A young couple leaves Japan for the coast of Canada, bringing a cherry seed to plant in their new garden. During the years that follow, the little cherry tree watches over the family as the couple hav
A young couple leaves Japan for the coast of Canada, bringing a cherry seed to plant in their new garden. During the years that follow, the little cherry tree watches over the family as the couple have children, and then grandchildren. Young Naomi makes the cherry tree her special friend, and the tree's branches shelter her as she plays. But one day, war breaks out between the two countries, and the family is sent to an internment camp away from the coast. And though Naomi often dreams of going home, the dream fades as the years go by. The little tree is left behind to mourn its loss.
For many years the cherry tree sends out a song of love and peace that reaches Naomi only in her dreams. But the insects and small animals hear the song, and on the wind they send back their own messages to the tree, assuring it that Naomi is safe and that one day she will return. And when she does, the tree will be waiting for her.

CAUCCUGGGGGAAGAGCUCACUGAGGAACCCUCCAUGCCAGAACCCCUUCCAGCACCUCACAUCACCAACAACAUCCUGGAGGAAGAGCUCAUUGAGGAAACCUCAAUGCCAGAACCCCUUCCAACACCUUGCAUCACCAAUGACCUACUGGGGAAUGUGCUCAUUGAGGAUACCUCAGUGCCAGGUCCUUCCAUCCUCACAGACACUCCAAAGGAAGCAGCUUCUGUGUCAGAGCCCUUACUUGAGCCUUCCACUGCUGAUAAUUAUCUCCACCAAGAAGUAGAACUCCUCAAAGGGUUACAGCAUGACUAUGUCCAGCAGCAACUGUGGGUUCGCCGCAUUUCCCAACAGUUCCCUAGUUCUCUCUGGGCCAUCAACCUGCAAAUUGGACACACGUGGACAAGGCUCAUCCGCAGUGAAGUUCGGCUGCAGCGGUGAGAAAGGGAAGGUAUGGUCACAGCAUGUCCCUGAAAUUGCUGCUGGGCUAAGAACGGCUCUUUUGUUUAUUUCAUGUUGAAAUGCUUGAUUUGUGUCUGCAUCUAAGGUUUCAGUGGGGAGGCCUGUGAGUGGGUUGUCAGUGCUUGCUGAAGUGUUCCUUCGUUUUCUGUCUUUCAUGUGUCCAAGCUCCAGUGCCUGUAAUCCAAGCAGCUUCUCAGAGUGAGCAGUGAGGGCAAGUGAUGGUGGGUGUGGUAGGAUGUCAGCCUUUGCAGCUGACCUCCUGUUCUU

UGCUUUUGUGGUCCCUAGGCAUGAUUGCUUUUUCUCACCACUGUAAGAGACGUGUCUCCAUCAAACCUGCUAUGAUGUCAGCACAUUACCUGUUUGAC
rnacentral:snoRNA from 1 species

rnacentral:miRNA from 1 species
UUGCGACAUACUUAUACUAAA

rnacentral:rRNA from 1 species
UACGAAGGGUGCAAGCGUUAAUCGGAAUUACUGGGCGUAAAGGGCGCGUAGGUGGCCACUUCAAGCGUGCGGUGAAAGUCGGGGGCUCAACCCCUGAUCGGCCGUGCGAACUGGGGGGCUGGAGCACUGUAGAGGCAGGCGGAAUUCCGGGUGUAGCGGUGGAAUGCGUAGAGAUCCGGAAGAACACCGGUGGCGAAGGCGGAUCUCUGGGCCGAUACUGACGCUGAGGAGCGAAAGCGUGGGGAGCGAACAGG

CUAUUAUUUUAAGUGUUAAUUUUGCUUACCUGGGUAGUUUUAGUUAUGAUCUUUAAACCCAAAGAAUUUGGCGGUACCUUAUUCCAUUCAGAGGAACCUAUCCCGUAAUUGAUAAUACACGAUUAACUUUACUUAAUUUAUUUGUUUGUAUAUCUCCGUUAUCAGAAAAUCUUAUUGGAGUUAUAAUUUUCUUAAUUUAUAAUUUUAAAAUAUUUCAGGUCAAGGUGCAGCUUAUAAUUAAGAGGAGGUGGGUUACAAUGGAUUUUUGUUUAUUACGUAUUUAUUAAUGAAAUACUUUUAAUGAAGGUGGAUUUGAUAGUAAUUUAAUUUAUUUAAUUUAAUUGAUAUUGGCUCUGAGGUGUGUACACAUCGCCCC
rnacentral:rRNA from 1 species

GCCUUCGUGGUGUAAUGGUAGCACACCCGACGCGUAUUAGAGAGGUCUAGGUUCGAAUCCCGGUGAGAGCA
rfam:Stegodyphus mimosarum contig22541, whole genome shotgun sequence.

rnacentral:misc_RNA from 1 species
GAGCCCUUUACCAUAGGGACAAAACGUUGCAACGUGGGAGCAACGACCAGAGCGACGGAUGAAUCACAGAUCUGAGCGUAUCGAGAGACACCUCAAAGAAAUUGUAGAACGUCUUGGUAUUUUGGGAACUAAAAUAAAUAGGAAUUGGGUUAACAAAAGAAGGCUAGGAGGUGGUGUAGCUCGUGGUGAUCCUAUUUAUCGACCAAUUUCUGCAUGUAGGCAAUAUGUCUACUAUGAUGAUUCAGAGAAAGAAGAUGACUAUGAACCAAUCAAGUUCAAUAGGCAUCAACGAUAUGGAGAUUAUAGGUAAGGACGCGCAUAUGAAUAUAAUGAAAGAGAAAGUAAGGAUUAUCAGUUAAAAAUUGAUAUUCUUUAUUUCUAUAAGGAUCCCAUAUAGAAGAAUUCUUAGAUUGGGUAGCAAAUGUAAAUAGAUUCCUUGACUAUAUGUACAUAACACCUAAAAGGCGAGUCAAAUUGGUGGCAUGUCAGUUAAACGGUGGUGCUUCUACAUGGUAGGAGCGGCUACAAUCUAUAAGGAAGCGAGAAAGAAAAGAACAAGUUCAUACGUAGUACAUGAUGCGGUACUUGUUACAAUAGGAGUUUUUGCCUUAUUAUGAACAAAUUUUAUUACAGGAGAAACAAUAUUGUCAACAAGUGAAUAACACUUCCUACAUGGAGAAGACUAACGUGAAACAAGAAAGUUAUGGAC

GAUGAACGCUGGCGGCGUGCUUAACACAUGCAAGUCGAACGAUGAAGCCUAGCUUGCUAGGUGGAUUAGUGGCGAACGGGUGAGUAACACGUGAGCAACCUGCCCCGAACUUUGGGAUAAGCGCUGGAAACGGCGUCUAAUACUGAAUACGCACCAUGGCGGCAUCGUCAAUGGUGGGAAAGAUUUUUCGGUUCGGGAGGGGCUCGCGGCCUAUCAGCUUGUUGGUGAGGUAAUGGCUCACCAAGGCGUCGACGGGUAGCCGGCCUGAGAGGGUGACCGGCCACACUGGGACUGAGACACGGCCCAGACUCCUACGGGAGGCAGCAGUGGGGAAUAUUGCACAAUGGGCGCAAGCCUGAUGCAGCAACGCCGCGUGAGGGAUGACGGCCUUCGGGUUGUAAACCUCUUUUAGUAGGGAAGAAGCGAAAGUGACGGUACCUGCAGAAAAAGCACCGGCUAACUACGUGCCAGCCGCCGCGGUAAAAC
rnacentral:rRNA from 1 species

Based on the World War II story of Naomi and Stephen in Naomi's Road, Naomi's Tree is a poetic story about enduring love and its almost mystical power to heal the spirit.
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"Kogawa's story is really about the power of love and how time can bring about reconciliation and new hope." -Winnipeg Free Press
View Biographical note
Joy Kogawa was born in Vancouver in 1935. Like Naomi, Kogawa and her family were sent to internment camps in Slocan, British Columbia and later to Coaldale, Alberta during the Second World War. After teaching in Coaldale after the war, she eventually moved to Toronto, Ontario, where she lives today. Kogawa is a recipient of numerous honorary doctorates as well as national and international awards for her writing. In 1986, Kogawa was named a Member of the Order of Canada.
Ruth Ohi is the popular illustrator of over forty books for children. Her presentations and workshops make her a frequent welcome visitor to schools and libraries. She has illustrated No Monsters Here, Into My Mother's Arms, and The Bye-Bye Pie, which won the Blue Spruce Award. Ruth, her husband, and children live in Toronto, Ontario.